Why Educators Turn to Whole Brain Teaching

ImagePhoto Credit (onthefenceadvocacy.com)

Anywhere between 40 and 50% of teachers will leave the classroom within their first five years (Riggs, Atlantic 2013). A turnover rate that is at least 4% higher than any other profession. While many theories purport to explain the cause behind this, one thing is for sure; teaching is a very challenging profession that demands a lot of its workforce, and offers in return very little respect and recognition.

Those who survive understand that in order to make it in the classroom, there is one thing that can make or break you – Classroom Management. This is where Whole Brain Teaching (WBT) comes in and makes a huge difference. A teacher is only able to reach a student if their classroom environment is set up for success, and this success is achieved by a well structured classroom management system. Whole Brain Teaching is a highly effective system of classroom management, and it success is linked to its core principle that a classroom should provide children with exactly what they want – a place where they can laugh and play. (WBT), produces classrooms that are full of orderly fun.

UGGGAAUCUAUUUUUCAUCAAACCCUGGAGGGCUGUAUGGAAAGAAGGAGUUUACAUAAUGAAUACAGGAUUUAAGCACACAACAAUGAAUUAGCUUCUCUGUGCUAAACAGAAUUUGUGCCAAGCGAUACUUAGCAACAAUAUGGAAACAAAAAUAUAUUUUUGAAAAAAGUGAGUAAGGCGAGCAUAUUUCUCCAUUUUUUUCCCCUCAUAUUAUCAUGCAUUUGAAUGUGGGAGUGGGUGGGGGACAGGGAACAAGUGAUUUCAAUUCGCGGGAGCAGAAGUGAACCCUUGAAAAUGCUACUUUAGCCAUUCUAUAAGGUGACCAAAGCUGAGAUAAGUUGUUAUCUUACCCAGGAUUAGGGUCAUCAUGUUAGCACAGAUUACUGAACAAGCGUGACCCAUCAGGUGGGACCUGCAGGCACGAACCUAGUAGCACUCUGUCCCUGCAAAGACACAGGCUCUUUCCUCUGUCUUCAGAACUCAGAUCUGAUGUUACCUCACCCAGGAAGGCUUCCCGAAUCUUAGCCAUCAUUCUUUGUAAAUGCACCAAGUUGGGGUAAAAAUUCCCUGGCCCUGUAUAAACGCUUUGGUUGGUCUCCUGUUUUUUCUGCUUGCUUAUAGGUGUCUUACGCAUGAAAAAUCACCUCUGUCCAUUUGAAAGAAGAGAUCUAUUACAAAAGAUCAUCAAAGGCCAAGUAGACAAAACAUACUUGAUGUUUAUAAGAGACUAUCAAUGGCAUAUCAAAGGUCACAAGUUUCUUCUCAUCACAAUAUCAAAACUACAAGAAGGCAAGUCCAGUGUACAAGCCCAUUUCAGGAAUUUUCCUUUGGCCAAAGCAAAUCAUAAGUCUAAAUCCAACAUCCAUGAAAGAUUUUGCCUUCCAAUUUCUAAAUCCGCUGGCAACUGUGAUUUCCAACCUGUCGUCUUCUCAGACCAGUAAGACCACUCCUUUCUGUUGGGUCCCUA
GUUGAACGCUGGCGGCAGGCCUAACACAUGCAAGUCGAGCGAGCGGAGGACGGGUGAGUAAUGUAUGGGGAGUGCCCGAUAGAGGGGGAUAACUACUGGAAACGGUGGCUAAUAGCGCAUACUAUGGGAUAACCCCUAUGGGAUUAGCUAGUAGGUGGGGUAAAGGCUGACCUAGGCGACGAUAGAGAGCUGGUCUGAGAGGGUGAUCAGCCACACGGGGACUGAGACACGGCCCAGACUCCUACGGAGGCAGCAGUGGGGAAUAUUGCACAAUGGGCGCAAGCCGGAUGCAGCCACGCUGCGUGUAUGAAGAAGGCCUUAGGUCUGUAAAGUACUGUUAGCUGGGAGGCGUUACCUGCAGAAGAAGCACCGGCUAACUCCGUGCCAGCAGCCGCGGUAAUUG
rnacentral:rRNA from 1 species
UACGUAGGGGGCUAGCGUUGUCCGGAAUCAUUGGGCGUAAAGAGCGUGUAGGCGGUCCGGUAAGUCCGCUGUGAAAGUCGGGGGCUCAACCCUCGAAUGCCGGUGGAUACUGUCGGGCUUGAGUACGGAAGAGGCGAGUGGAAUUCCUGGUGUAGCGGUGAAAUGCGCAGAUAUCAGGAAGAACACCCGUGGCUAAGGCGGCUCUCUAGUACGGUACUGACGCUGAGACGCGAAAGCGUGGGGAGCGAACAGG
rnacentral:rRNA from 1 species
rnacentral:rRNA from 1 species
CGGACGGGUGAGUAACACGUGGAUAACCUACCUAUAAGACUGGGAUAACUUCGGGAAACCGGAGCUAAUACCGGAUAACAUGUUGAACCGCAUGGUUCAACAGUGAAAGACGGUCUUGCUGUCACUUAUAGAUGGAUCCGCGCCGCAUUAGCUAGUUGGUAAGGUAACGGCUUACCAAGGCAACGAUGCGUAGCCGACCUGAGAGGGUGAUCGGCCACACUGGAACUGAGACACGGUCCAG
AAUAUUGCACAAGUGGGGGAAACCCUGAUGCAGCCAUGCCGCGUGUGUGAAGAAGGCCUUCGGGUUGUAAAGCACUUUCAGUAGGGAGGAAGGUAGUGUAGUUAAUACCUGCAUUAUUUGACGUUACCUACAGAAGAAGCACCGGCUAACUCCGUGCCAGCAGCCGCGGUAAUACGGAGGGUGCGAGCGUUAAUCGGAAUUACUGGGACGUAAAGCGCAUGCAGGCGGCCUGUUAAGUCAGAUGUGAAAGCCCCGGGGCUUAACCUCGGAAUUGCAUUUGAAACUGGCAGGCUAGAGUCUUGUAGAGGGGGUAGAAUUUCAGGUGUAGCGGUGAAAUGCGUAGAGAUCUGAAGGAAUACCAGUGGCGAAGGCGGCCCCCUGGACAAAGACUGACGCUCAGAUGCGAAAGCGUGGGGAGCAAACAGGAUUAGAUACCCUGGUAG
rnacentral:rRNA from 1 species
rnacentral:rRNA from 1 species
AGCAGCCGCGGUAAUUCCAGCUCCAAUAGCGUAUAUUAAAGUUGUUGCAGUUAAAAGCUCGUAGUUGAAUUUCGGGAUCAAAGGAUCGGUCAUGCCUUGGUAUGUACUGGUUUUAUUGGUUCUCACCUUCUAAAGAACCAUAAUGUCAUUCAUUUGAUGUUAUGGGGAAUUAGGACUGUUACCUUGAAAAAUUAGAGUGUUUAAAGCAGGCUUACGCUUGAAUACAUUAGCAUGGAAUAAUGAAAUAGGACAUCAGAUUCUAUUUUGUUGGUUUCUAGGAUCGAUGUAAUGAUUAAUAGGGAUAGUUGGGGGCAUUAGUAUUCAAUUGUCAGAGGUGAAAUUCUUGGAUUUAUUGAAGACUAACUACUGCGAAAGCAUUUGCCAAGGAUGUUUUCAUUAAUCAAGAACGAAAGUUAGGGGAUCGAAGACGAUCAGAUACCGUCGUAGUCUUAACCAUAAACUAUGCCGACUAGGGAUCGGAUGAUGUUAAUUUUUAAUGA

Students follow rules in WBT rooms because they are fun! They engage with classmates and teach each other because it’s exciting to them. The WBT classroom in essence becomes a big game for them to play and succeed in. So as an educator, doesn’t it seem to make a lot of sense to then join in on the fun? To me it did and I continue to have more success each day because of my choice to employ WBT strategies in my classroom.

If a student’s whole brain is involved in learning, there isn’t any mental area left over for challenging behavior. (Biffle, 2013)

This post is the first of a series that will explore my use of WBT in the classroom, the research behind WBT, as well as many tips, advice and freebies that will allow you to use WBT in your own classroom.

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Biffle, C. (2013). Whole brain teaching for challenging kids. Whole Brain Teaching LLC.

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